The suggestion has been around for ages - a dream ticket for some, a nightmare for others.
An Obama/Clinton ticket.
Recently I've been getting a wee bit worried that Obama might actually be considering it - and idea which absolutely horrifies me, because I think it will seriously damage his chances of beating McCain in November.
This is why:
Obama has run on the message of "change". This is a fundamental element of his campaign and of his presidency. Clinton, in contrast, has run on the "experience" ticket, and has even gone so far as to say that she believes that she and McCain both have a lifetime of experience which they will bring to the WH whereas Obama has "a speech he gave in 2002".
Clinton is a classic example of old-guard Washington, the very thing which Obama has been campaigning against so strongly. Having her on the ticket would undercut his message of change.
Obama has campaigned strongly to remove the influence of lobbyists in Washington. He refuses to take money from lobbyists - to the extent of returning their money to them if they contribute to his campaign. Clinton, on the other hand, has accepted plenty of money from lobbyists and has said she will continue to do so as they "represent real Americans".
Having Clinton (and her lobbyists) on the ticket would seriously undermine Obama's anti-lobbying message.
Whether a deliberate part of her campaign strategy, or simply mis-speaking by Hillary Clinton, Bill Clinton, and her surrogates such as Geraldine Ferraro; the perception is certainly there amongst many people (both African Americans and whites alike) that her campaign has played the race card on more than one occasion.
Aside from the obvious irony that Obama is part African-American and that Clinton would be running alongside him as VP having been perceived as using the race card against him, I'm concerned that this might have a negative impact on some people who would otherwise vote for Obama. Put simply, I feel that some people who were offended by her perceived racism would be less likely to vote for Obama if Clinton were on the ticket, than if she were not.
This campaign has been undeniably negative in parts, with Clinton in particular having said a whole lot of negative things about Obama. I can see the Republicans using this as a major part of their strategy in the run-up to the General Election. I believe they would pull up every negative comment Clinton has made, and use it relentlessly against an Obama/Clinton ticket in the fall. I can see it now!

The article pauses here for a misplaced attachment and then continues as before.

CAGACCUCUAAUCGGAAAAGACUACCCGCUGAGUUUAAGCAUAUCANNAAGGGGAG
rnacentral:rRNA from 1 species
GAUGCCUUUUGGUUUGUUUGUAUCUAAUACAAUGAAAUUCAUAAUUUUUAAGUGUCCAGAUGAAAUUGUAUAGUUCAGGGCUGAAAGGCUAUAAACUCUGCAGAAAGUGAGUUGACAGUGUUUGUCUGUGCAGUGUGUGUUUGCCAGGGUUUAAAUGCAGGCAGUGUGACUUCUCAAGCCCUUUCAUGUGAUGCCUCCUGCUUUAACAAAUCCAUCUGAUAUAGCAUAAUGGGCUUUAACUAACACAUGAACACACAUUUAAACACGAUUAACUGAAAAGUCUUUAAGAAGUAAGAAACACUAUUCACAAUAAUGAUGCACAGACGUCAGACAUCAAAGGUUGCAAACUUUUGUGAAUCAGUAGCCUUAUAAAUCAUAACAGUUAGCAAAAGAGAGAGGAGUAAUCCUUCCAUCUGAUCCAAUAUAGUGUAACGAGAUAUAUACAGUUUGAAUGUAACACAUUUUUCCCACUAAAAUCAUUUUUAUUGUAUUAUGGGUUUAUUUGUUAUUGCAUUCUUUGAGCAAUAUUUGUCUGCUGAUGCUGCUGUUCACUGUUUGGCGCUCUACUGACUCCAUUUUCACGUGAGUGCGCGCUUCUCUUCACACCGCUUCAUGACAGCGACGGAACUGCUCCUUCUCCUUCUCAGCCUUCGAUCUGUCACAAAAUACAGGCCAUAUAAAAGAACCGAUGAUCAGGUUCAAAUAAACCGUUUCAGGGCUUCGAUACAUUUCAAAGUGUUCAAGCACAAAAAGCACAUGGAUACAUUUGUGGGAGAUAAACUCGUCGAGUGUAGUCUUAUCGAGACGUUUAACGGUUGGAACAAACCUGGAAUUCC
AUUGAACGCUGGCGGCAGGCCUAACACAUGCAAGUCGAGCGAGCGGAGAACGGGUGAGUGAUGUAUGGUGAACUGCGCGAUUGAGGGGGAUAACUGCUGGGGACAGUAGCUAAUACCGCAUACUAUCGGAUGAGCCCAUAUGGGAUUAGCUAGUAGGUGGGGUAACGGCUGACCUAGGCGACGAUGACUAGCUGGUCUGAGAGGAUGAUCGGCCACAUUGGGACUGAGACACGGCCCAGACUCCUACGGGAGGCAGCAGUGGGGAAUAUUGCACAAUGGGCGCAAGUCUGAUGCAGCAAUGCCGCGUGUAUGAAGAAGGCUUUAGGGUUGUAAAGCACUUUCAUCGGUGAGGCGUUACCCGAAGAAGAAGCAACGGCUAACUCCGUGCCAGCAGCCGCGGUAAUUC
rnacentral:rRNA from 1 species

Obama is not a Muslim "as far as I know..."; Clinton and McCain offer a lifetime of experience blah blah (they'll have that one up on an endless loop!); the whole "Obama can't win the white vote" spin; denouncing and rejecting Farrakhan (because simply doing one of the other just isn't enough for Hillary); not to mention harping on about Reverend Wright, Bill Ayers, the "bitter" comment and much, much more.
I think it would be incredibly destructive for Obama to pick Clinton for VP after all the negativity she has thrown at him. I think it hands the Republicans their main anti-Democratic advertising on a plate, and brings no benefits to Obama in this regard.
Clinton came into this race with huge negatives. In a Harris Interactive poll in March 2007, 50% of voting-age adults said that they would not vote for her. In March 2008 a Wall Street Journal/NBC News poll put her negatives at 48 percent - the highest in that poll since March 2001. Just 37 percent had a positive view of Clinton, whereas Obama's approval rating had remained virtually unchanged at 49 percent. Only 32 percent of Americans gave him a negative approval rating in this poll.
The early negatives are not necessarily Clinton's fault - years of vitriolic attacks on her by the Republicans ever since Bill first arrived in the White House have taken their toll - but certainly the more recent ones appear to be as a direct result of her negative attacks on Obama.
My fear, should she be selected to run as VP, is that a number of apathetic and/or disaffected Republicans would be motivated to come out and vote against her. I believe there's a large sub-group of Republicans who aren't that keen on McCain, but who really, really dislike Clinton. If she were on the ticket, I believe these people would come out for the pleasure of voting against her, whereas if she were not on the ticket, they wouldn't bother voting.